That I deal with all aspects of my nature like sexual desire in a responsible way, – towards myself in the first place, but towards others also, is the only point worth to be discussed from this prospective.

  3. Tom Bower
    Tom Bower says:

    The monsignor should have been aware that in the contemporary world everyone’s electronic thumbprint is everywhere. There is no hiding. If he was not participating in activities his workplace would fire a teacher or organist who married a same sex partner for he should not have resigned so quickly.

    Until the hierarchy gets rid of its abuse of LGBT individuals the scandal resides with them. The USCCB is a cabal of evil minded individuals who relentlessly purge LGBT individuals as traditional sport that should have been abandoned a century ago based on science alone. Sex per se is not a sin, it is a gift from God; neither is eating food a sin. Either can be (lust or gluttony) but the format itself is not. Celibacy is a whole other abuse of the gifts of God that are imposed for no good reason. As so many have asked why can’t the leadership of the Church look more like Christ?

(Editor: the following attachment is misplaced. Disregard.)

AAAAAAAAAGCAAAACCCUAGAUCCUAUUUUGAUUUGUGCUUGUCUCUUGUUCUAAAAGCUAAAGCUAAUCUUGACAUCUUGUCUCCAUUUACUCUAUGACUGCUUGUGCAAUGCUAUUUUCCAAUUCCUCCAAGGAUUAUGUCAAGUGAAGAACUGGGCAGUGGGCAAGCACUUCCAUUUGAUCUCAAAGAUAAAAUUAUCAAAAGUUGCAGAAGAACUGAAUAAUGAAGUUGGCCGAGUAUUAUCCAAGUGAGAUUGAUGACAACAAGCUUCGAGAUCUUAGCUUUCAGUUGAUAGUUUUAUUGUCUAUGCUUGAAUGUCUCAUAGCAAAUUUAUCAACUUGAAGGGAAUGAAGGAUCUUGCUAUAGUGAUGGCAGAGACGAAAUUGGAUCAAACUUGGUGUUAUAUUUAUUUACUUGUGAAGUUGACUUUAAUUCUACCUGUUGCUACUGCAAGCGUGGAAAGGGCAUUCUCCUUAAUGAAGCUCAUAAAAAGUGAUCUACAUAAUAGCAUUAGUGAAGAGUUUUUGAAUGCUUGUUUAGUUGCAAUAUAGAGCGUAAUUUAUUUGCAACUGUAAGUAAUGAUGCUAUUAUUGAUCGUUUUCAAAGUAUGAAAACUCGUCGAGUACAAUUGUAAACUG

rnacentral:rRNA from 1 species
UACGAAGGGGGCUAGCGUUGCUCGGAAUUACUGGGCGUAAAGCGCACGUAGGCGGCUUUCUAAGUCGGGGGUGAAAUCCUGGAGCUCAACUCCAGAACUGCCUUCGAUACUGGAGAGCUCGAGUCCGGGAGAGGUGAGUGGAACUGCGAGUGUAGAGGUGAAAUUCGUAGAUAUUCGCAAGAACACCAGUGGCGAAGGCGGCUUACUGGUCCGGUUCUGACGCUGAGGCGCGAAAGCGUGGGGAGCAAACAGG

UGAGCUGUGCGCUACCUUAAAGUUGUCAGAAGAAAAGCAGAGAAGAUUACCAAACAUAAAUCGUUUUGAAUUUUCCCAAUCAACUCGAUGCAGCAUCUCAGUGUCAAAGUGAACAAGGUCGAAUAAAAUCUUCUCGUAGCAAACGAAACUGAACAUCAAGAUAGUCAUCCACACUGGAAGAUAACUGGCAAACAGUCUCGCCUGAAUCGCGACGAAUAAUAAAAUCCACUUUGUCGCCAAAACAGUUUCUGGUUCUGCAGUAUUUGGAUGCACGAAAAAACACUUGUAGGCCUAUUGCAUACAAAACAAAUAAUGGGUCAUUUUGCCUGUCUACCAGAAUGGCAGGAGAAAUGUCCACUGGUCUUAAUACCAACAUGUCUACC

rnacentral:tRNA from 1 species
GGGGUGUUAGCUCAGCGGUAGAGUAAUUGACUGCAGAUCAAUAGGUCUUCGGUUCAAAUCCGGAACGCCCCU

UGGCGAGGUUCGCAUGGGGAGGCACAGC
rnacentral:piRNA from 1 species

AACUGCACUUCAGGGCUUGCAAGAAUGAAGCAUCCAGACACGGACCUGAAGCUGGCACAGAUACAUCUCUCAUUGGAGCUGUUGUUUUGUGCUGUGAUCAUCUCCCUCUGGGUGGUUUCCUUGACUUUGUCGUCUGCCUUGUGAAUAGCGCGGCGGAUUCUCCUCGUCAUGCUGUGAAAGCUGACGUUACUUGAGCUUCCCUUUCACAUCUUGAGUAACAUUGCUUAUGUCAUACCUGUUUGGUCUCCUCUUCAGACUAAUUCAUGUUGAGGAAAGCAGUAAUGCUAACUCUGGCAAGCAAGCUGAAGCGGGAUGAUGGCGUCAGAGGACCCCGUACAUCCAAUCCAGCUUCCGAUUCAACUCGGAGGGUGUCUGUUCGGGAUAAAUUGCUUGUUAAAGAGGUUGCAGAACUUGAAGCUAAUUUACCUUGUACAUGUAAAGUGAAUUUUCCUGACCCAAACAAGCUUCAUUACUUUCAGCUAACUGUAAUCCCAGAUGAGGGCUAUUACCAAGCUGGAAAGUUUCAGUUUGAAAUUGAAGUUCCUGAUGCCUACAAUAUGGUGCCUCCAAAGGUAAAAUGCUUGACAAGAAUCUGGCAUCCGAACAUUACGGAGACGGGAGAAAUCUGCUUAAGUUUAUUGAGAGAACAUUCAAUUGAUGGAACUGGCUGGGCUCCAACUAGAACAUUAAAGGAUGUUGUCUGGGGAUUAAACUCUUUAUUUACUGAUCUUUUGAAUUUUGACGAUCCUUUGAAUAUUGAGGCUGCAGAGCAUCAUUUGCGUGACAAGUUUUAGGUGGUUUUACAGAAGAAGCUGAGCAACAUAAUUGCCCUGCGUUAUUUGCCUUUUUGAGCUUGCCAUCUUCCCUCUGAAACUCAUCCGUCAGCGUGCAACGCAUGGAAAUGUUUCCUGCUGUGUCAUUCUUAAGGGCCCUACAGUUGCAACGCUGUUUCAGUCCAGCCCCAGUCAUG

DON E SIEGAL says:

    Frank, thank you for speaking the truth to power. That needed to be said especially the part about changing the way priests are formed for service. Human celibacy is abnormal for most humans. Not only that, ordination of women is necessary for a healthy priesthood. Our priest recently spoke in a similar way about the USCCB’s decision to consider denying the Eucharist to certain politicians.

  5. Ann Marie Connolly
    Ann Marie Connolly says: